Let me say it again, prioritize and focus.
This is something I am addressing on my current product... making sure the team focuses on the core issues, the product basics, and getting those right before solving the 10% problems or the fringe problems.
This sounds so basic, but it is a consistent challenge that a leader faces: how do you keep your team focused on the high priorities and what's important, especially if those two are not sexy enough?
What I do is acknowledge that those other issues are important, and are relevant, they just do not rank in priority relative to other features. For example, Amazon.com is a great retail site with lots of features, but none of those features (product recommendations, shipment tracking, cancelling orders, gift options, wishlists) would be relevant without the basics: placing an order, processing payment, emailing confirmation to the customer. While that sounds obvious, and it is obvious, it is still true that many. Take a bunch of Amazon engineers, ask them to build an e-commerce site from scratch, and I guarantee the first questions and focus would be around shipping, promotions, recommendations, split orders, etc. The discussion would not start around the basics.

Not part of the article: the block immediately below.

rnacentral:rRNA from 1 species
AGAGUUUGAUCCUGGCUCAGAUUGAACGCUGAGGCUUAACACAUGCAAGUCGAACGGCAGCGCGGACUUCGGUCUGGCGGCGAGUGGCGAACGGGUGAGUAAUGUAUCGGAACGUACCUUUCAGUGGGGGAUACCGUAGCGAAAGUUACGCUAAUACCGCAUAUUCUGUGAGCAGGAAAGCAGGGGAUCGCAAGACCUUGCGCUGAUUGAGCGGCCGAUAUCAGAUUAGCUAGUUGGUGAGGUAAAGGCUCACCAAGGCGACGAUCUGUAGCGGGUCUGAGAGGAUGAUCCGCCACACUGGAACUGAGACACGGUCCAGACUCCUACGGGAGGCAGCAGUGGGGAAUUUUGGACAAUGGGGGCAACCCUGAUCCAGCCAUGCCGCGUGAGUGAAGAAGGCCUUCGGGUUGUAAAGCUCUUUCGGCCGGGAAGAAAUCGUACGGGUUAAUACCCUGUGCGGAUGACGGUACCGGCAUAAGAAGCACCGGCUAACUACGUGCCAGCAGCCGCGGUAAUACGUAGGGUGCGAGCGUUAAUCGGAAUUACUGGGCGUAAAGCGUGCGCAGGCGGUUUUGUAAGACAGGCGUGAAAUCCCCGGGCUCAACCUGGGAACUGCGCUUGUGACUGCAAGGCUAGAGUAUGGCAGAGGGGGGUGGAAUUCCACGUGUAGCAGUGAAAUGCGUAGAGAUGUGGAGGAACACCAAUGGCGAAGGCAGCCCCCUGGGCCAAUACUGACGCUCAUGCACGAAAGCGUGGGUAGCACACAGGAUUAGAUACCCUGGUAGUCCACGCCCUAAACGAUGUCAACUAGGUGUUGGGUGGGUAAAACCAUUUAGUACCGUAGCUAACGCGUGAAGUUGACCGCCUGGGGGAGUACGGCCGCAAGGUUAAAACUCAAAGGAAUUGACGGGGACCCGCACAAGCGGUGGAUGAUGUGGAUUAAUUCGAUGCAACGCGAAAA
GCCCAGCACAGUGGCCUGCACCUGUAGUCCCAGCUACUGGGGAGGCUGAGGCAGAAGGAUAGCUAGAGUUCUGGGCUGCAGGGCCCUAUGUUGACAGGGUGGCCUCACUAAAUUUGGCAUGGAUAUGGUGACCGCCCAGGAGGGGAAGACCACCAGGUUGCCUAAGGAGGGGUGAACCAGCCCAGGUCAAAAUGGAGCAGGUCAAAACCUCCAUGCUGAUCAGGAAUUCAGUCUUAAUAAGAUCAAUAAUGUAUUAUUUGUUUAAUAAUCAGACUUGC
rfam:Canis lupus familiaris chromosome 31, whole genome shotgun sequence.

In addition to acknowledging those fringe features, I document them and put them on a priority board. Acknowledging the importance, and selling the idea that there are simply more important things to focus on, is an important step when these issues come up. In addition, it gives a great respite for engineers that need a break from the here and now and want to spend a short amount of time working on something new - there's a board already set up to pull those ideas from.
None of this is rocket science, none of this is new. That said, I do see teams managed that do not execute in this manner; they may have these tools, but they are not enforcing this as part of culture and execution. That's what needs to change. It will be your biggest challenge in product development.